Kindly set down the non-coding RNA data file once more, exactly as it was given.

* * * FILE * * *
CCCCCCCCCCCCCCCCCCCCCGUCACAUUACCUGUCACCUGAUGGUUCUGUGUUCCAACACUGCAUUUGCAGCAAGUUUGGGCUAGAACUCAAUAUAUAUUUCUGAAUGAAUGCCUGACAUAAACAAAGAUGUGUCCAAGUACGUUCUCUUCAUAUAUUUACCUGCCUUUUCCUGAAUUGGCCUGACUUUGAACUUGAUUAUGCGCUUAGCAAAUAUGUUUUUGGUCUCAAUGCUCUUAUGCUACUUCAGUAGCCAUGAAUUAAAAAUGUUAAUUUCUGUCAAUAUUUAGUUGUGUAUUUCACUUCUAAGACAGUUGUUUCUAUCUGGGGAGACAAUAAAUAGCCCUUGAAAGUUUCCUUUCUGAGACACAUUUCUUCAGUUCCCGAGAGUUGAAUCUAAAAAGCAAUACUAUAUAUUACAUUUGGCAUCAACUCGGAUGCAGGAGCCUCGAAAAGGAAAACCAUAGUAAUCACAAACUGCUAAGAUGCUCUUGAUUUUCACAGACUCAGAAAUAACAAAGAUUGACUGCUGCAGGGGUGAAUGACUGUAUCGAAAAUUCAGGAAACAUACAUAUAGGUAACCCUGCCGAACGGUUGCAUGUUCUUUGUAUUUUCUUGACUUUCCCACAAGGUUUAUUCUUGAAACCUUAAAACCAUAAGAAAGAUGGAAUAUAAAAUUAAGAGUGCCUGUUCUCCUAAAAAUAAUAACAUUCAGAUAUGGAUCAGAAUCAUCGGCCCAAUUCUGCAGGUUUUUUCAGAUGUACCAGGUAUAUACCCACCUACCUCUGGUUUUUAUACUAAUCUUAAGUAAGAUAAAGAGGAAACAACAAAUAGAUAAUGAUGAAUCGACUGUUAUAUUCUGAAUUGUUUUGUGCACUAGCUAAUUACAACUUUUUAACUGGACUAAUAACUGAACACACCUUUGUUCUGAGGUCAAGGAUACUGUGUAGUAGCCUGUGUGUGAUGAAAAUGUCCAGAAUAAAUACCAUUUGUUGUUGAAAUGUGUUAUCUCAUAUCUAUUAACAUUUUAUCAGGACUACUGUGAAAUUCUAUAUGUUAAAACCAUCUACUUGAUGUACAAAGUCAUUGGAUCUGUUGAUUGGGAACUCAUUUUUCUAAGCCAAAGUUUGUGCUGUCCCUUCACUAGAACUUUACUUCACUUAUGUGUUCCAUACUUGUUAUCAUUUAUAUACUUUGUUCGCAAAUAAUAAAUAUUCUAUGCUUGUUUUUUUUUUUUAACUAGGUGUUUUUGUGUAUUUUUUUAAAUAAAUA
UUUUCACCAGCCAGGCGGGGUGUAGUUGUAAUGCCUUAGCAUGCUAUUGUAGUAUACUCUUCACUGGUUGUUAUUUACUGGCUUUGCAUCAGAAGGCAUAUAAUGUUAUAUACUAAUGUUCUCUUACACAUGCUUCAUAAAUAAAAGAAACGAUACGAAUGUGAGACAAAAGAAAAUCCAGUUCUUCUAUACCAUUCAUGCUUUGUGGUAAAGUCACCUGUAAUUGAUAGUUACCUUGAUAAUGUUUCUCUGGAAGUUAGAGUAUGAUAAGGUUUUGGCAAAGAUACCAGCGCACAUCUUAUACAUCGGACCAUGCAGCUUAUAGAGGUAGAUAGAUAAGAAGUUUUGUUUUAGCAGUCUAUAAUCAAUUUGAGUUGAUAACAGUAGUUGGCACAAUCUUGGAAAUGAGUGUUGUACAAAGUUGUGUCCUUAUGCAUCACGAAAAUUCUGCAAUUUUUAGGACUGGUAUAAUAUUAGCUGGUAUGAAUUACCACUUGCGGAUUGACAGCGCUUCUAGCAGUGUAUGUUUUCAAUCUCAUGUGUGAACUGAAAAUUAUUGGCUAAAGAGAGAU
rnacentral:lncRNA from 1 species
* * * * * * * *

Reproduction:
CCCCCCCCCCCCCCCCCCCCCGUCACAUUACCUGUCACCUGAUGGUUCUGUGUUCCAACACUGCAUUUGCAGCAAGUUUGGGCUAGAACUCAAUAUAUAUUUCUGAAUGAAUGCCUGACAUAAACAAAGAUGUGUCCAAGUACGUUCUCUUCAUAUAUUUACCUGCCUUUUCCUGAAUUGGCCUGACUUUGAACUUGAUUAUGCGCUUAGCAAAUAUGUUUUUGGUCUCAAUGCUCUUAUGCUACUUCAGUAGCCAUGAAUUAAAAAUGUUAAUUUCUGUCAAUAUUUAGUUGUGUAUUUCACUUCUAAGACAGUUGUUUCUAUCUGGGGAGACAAUAAAUAGCCCUUGAAAGUUUCCUUUCUGAGACACAUUUCUUCAGUUCCCGAGAGUUGAAUCUAAAAAGCAAUACUAUAUAUUACAUUUGGCAUCAACUCGGAUGCAGGAGCCUCGAAAAGGAAAACCAUAGUAAUCACAAACUGCUAAGAUGCUCUUGAUUUUCACAGACUCAGAAAUAACAAAGAUUGACUGCUGCAGGGGUGAAUGACUGUAUCGAAAAUUCAGGAAACAUACAUAUAGGUAACCCUGCCGAACGGUUGCAUGUUCUUUGUAUUUUCUUGACUUUCCCACAAGGUUUAUUCUUGAAACCUUAAAACCAUAAGAAAGAUGGAAUAUAAAAUUAAGAGUGCCUGUUCUCCUAAAAAUAAUAACAUUCAGAUAUGGAUCAGAAUCAUCGGCCCAAUUCUGCAGGUUUUUUCAGAUGUACCAGGUAUAUACCCACCUACCUCUGGUUUUUAUACUAAUCUUAAGUAAGAUAAAGAGGAAACAACAAAUAGAUAAUGAUGAAUCGACUGUUAUAUUCUGAAUUGUUUUGUGCACUAGCUAAUUACAACUUUUUAACUGGACUAAUAACUGAACACACCUUUGUUCUGAGGUCAAGGAUACUGUGUAGUAGCCUGUGUGUGAUGAAAAUGUCCAGAAUAAAUACCAUUUGUUGUUGAAAUGUGUUAUCUCAUAUCUAUUAACAUUUUAUCAGGACUACUGUGAAAUUCUAUAUGUUAAAACCAUCUACUUGAUGUACAAAGUCAUUGGAUCUGUUGAUUGGGAACUCAUUUUUCUAAGCCAAAGUUUGUGCUGUCCCUUCACUAGAACUUUACUUCACUUAUGUGUUCCAUACUUGUUAUCAUUUAUAUACUUUGUUCGCAAAUAAUAAAUAUUCUAUGCUUGUUUUUUUUUUUUAACUAGGUGUUUUUGUGUAUUUUUUUAAAUAAAUA
UUUUCACCAGCCAGGCGGGGUGUAGUUGUAAUGCCUUAGCAUGCUAUUGUAGUAUACUCUUCACUGGUUGUUAUUUACUGGCUUUGCAUCAGAAGGCAUAUAAUGUUAUAUACUAAUGUUCUCUUACACAUGCUUCAUAAAUAAAAGAAACGAUACGAAUGUGAGACAAAAGAAAAUCCAGUUCUUCUAUACCAUUCAUGCUUUGUGGUAAAGUCACCUGUAAUUGAUAGUUACCUUGAUAAUGUUUCUCUGGAAGUUAGAGUAUGAUAAGGUUUUGGCAAAGAUACCAGCGCACAUCUUAUACAUCGGACCAUGCAGCUUAUAGAGGUAGAUAGAUAAGAAGUUUUGUUUUAGCAGUCUAUAAUCAAUUUGAGUUGAUAACAGUAGUUGGCACAAUCUUGGAAAUGAGUGUUGUACAAAGUUGUGUCCUUAUGCAUCACGAAAAUUCUGCAAUUUUUAGGACUGGUAUAAUAUUAGCUGGUAUGAAUUACCACUUGCGGAUUGACAGCGCUUCUAGCAGUGUAUGUUUUCAAUCUCAUGUGUGAACUGAAAAUUAUUGGCUAAAGAGAGAU
rnacentral:lncRNA from 1 species